Thursday, February 12, 2009

Call for Art

Human Peace Symbol

From Artist Kim Ritter, Houston, TX:

It is my firm belief that art can act as a bridge towards world peace

Peace Expedition’s First Trunk Show
“Peace Offerings”

Call for Submissions from Around the Globe for Theme “Peace Expedition”

Currently I am creating a new art car called the Peace Expedition. An integral part of my mission is to showcase small format 2d and 3d artwork in a Trunk Show entitled “Peace Offerings”.
This interactive/collaborative exhibition will be on display in and around the Peace Expedition at Art Car Events like the
Houston Art Car Parade which attracts 200,000 viewers every year.

My mission is to promote the cause of world peace by showcasing art from around the world.

Artwork must fit the theme of “The Peace Expedition” and have some connection to one or both of the themes of ‘Peace’ and ‘Expedition’. Exploration of the theme is encouraged. This can be your personal statement about your journey towards peace or the bumps along the way, it may be a political statement about your country’s/ region’s/city’s or village’s journey to peace. If abstract, the work should still have some connection to the themes of “Peace” or “Expedition”

Artwork will be displayed in various ways that fit the theme of “The Peace Expedition”. These display options will showcase the art. Some may be used to decorate the car inside and out, put on or in suitcases and trunks, assembled into scrapbooks, diaries, collected in cigar boxes or in small trunks. Ritter would like to get something from every state and every country.


ANY SIZE 12 x 12 or UNDER

Some suggested sizes:

Inchie 1x1"
Fat Inchie 1.5 x 1.5"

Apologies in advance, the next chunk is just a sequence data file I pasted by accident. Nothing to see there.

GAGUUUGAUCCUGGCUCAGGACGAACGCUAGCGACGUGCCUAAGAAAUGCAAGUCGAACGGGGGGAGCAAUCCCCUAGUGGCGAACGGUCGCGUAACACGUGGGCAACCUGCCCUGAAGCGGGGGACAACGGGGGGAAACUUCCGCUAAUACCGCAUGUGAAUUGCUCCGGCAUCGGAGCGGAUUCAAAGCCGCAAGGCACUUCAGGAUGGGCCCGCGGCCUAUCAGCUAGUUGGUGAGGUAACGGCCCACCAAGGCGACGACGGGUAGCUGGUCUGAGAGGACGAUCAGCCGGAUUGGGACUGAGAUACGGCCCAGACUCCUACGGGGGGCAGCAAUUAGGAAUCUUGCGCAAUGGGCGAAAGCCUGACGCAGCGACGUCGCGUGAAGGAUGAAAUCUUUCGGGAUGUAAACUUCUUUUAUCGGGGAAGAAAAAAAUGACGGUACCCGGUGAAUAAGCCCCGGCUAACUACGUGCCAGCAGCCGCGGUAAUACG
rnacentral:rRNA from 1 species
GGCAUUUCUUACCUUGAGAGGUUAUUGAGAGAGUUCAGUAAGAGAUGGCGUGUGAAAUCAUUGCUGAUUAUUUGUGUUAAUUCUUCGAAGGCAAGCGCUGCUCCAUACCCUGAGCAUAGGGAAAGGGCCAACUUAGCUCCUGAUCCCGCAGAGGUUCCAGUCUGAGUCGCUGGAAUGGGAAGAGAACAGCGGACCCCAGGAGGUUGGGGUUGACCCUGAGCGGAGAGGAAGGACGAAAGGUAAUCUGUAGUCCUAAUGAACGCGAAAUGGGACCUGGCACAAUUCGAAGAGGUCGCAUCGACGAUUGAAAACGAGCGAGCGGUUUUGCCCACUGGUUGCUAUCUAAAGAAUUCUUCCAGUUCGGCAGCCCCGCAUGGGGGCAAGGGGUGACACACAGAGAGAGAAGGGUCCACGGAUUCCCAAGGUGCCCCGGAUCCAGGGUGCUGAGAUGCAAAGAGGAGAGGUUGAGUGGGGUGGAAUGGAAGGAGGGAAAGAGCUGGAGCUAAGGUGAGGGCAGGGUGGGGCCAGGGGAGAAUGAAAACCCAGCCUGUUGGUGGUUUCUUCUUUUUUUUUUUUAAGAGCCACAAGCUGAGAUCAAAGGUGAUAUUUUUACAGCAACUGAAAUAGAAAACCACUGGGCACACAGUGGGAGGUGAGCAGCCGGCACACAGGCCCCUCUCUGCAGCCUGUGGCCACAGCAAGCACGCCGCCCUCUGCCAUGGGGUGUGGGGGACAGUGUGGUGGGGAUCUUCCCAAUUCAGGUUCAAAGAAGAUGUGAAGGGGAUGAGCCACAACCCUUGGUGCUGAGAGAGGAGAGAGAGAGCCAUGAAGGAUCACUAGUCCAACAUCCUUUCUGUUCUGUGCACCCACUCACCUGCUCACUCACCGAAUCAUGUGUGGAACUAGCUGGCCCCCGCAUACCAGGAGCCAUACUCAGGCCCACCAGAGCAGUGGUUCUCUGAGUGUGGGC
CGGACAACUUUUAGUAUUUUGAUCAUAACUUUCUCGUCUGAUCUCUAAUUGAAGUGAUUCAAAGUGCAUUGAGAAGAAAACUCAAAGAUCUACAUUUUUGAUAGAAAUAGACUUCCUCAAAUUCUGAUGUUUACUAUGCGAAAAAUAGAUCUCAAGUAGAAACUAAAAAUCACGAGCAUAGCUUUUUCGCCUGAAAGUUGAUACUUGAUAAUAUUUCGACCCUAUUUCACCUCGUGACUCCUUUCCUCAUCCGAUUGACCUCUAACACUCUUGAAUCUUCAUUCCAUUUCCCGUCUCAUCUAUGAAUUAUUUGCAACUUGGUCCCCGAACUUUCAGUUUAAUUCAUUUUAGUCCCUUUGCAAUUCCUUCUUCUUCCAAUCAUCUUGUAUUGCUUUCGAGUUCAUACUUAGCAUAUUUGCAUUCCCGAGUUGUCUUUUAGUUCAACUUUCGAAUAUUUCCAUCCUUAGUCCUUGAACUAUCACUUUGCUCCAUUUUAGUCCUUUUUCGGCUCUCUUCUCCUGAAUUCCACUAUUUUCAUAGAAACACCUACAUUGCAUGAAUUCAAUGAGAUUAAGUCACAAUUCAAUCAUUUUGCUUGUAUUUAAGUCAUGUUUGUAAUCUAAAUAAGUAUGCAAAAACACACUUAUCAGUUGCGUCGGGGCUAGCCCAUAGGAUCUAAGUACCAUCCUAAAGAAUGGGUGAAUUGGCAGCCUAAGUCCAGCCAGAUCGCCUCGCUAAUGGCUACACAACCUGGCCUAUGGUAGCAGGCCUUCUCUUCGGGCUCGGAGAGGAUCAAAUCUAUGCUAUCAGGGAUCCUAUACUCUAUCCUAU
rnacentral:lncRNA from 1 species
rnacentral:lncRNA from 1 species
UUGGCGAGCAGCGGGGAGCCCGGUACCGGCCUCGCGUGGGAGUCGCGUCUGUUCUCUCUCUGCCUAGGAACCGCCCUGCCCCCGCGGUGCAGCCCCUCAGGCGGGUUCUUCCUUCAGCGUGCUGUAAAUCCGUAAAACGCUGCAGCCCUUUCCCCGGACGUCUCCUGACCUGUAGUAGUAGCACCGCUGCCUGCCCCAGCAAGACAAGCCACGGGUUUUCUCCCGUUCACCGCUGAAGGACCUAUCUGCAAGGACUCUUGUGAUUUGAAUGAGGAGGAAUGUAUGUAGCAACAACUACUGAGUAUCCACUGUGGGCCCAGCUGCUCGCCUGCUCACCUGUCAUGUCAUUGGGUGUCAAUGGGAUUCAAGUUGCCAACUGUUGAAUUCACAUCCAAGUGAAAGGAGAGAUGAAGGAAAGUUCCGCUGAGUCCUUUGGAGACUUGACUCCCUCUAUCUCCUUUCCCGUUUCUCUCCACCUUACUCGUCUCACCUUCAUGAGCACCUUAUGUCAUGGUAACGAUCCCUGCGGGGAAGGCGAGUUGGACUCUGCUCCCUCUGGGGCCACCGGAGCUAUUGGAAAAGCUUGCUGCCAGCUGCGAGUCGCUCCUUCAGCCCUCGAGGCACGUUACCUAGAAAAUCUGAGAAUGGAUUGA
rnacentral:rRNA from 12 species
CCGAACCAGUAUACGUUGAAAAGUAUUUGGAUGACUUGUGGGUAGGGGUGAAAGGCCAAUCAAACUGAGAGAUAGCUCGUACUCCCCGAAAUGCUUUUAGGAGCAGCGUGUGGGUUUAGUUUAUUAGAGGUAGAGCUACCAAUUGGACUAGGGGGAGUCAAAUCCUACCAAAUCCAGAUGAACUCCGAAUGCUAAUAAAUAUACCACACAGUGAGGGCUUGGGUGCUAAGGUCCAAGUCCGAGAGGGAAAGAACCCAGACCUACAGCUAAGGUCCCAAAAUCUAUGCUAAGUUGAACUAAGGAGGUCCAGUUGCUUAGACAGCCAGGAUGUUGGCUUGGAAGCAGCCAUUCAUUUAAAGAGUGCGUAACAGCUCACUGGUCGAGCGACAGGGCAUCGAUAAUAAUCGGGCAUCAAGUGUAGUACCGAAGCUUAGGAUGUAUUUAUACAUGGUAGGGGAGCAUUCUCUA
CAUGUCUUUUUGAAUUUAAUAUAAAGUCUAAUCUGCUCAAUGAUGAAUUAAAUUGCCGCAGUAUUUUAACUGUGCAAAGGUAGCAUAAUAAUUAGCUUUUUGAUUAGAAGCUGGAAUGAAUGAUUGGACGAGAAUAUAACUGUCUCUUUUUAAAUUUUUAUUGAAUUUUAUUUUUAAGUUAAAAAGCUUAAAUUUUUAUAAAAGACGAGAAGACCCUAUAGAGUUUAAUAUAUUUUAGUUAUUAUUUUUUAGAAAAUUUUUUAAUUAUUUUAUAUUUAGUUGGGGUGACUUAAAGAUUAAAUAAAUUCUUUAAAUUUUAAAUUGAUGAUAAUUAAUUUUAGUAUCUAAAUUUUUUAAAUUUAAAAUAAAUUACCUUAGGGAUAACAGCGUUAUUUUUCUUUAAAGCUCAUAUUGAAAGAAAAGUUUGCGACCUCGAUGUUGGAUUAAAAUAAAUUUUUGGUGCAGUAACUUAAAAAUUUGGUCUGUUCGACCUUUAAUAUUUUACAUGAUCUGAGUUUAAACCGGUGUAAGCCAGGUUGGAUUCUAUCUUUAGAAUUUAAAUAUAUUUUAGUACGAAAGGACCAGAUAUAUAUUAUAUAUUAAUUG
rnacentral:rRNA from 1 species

Atc size 2.5 x 3.5"
Postcard Size 4”x6” (10 cm x 15 cm) or
3”x3” (7.5 cm x 7.5cm) or
4”x4” (10 cm x 10 cm) or
12” x 12” (30 cm x 30 cm)

Label your work on the back with YOUR NAME, CITY, STATE, COUNTRY, AND TITLE OF THE WORK…. be creative if you wish
Sign your work on the front if possible

3D Sizes:
Work should fit into a MATCHBOOK or MATCHBOX or CIGAR BOX of your own choosing.
Choose the matchbook/matchbox/cigar box of your choice. You may decorate the matchbook/cigar box with 2d work if you wish to match what you put inside.
Label your work on the bottom with YOUR NAME, CITY, STATE, COUNTRY, AND TITLE OF THE WORK…. be creative if you wish
Sign your work on the front if possible

Ship to :
Kim Ritter
18727 Point Lookout Dr
Houston TX 77058

Please share this call with your artist friends around the world. Provide them with a translation if needed (and send me a copy of the translation for others who speak the same language. Email to

International participants: Make sure that the shipping option avoids duties or custom fees as there is no budget for that. Insuring the work will most likely increase the likelihood of added customs fees or duties.


Peace Expedition First Steamer Trunk Show Entry


How does your entry relate to the themes of peace or expedition?

Artists release:
I _____________________________________________(print) give Kim Ritter the right to photograph and publish the work in promotion of the Peace Expedition. I understand my work will not be returned but will remain in the Peace Expedition Art Collection. The individual artists retain their copyrights to the individual works while Kim Ritter retains copyright for the collaborative art car called The Peace Expedition and the collections/collaborations that result in the combining of the individual art into scrapbooks, trunks and boxes and other ways of displaying the collections. I have read and agree to the guidelines listed in the call for submissions.

Signature Date

These little treasures will be displayed on and in the car and in trunks and other boxes.

Whenever the Peace Expedition is on display, people will be able to explore the art in the Steamer Trunk. The exhibition “Peace Offerings” or parts of the exhibition and collection may also be displayed at other events/exhibitions.

Because of the interactive nature of the exhibition, Ritter will not be able to return your work.
All work becomes part of the “Peace Expedition Art Collection”. Add it to your Collections category on your CV or resume.

The deadline for delivery of work is March 30th but I am accepting artwork now.

Wednesday, February 11, 2009

Moguls or Main Street?